At Your Service: Courting the Affluent Tennis Fan

Prudential Financial, Raymond James, ING, Fidelity Investments and E*Trade all advertised during the French Open final between Rafael Nadal (above) and Roger Federer on NBC TV last Sunday--all vying for the "elite demographic" that follows tennis.

The estimated two billion people worldwide who tuned in to watch Rafael Nadal’s four-set victory over Roger Federer at the French Open finals on NBC last Sunday saw a gritty match between two of the greatest tennis players of all time.    

Unless viewers were skipping commercials with TiVo, they also saw a slough of video spots from Fidelity, Prudential, ING, Raymond James and E*Trade. And they could hardly miss the green-and-black BNP Paribas banners spanning the ends of the court. 

It’s little wonder that those firms advertise at this premier sports event, and not just because of its popularity. This year’s French Open finals drew its highest Nielsen ratings (a 2.6% share of all TV-equipped households and 7% of households watching TV) in 12 years. 

Diamond bracelet of sports

Tennis is the diamond bracelet of sports, with an upscale fan base of about 60% men and 40% women. (Vogue magazine editor and courtside regular Anna “The Devil Wears Prada” Wintour was conspicuous in her trademark sunglasses one row behind Roger Federer’s wife on Sunday.)

Like golf audiences, tennis audiences tend to be wealthier and a bit older than average. According to Scarborough Research, 30% of adult tennis fans have household incomes $100,000 or more (compared to less than 10% of all Boomer households) and about one-third (34%) are age 55 or older (18% are 65 or older).

In its media kit, says 31% of its audience earns over $100,000. Its visitors are five times likelier than average to shop online for mutual or money market funds in the past month, three times likelier to research stocks online in the past month, and 1.7 times likelier to “provide frequent financial advice.” Almost a third (29%) of its audience is over age 50, 47% have been to college and 22% have been to graduate school.

Tennis magazine says that, relative to the average affluent adult, its readers are twice as likely to execute 30+ securities transactions a year, 33% more likely to use a full-service broker, 44% more likely to use online trading, 34% more likely to use a private banker and 67% more likely to use a discount broker in the past year.        

While the sport of tennis, like golf, has broad popularity, its demographic sweet spot is still among the country club set. Tennis magazine’s audience is 114% more likely than the average affluent person to have $2 million or more in liquid assts, 120% more likely to have at least $3 million in financial accounts and real estate, 39% more likely to have $1 million or more in retirement accounts and 57% more likely to have at least $200,000 in mutual funds.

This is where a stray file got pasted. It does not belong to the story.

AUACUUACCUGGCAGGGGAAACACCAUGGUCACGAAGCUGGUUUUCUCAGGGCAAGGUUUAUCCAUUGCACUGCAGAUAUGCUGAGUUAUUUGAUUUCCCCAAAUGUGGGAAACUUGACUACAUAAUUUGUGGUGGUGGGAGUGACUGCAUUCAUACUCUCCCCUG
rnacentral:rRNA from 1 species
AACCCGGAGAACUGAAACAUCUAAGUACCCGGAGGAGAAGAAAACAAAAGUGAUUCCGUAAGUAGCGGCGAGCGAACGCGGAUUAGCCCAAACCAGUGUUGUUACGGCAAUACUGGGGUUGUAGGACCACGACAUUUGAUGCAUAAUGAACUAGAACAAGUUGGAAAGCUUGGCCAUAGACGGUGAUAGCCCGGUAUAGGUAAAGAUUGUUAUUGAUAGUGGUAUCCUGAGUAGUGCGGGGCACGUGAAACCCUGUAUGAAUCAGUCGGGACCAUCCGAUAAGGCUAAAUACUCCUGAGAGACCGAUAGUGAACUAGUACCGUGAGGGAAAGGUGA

“Qualitatively, [Ipsos] Mendelsohn shows that Tennis readers are active followers of financial news, believe in consulting financial experts and are, in turn, sought out by others for investment guidance and advice,” wrote Mason Wells, publisher of The Tennis Media Company.

Regular viewers of the Tennis Channel represent an especially rich vein of tennis fans. According to the Mendelsohn 2009 Affluent Survey, the average Tennis Channel watcher had a household income of $233,000 and a $549,000 home. In terms of income, they were second only to watchers of Bloomberg Television.   

That describes at least part of the target market for the financial services firms that advertised during the French Open finals broadcast. Prudential Financial showed a spot from its reportedly $50 million “Bring Us Your Challenges” campaign, launched in May. Fidelity was there with the familiar spot where a mature African-American couple strides down Fidelity’s “Green Line” and wonders what to do with their money after retirement.

ING served up a segment of its “Number” campaign—the one where an embarrassed hedge-trimming suburbanite admits not knowing how much he needs to save for retirement. Raymond James showed its droll longevity risk ad, where an Englishwoman rediscovers love, fishing, motorcycling, and hang-gliding while apparently on her way to age 200. That campaign started last fall.

Raymond James hangglider

E*Trade Securities was there too, but that’s no surprise. Of the top 50 sports advertisers in 2010, E*Trade was ranked #44, with total ad spending last year of $98.7 million, of which $67.7 million was on sports. E*Trade ranked fifth overall in 2010, behind Nike, Anheuser-Busch, MillerCoors and Southwest Airlines, in the percentage of its ad budget dedicated to sports (68.5%).  

Financial services companies are increasingly interested in sports advertising, with total spending in 2010 reaching $265 million, up 146% from 2009. Not counting Visa, Bank of America spends more on sports advertising ($89.9 million of its $208 million advertising budget) than any other financial services company.

Among the categories of sports advertisers in 2010, financial services ranked eighth, with three percent of all spending by the top 100 advertisers. That was up from 1.5% in 2009 and from one percent in 2008 and 2007. Insurance (think GEICO, State Farm and Allstate) is a separate category, with 6% of sports advertising spending in 2010 and a total of $528 million.

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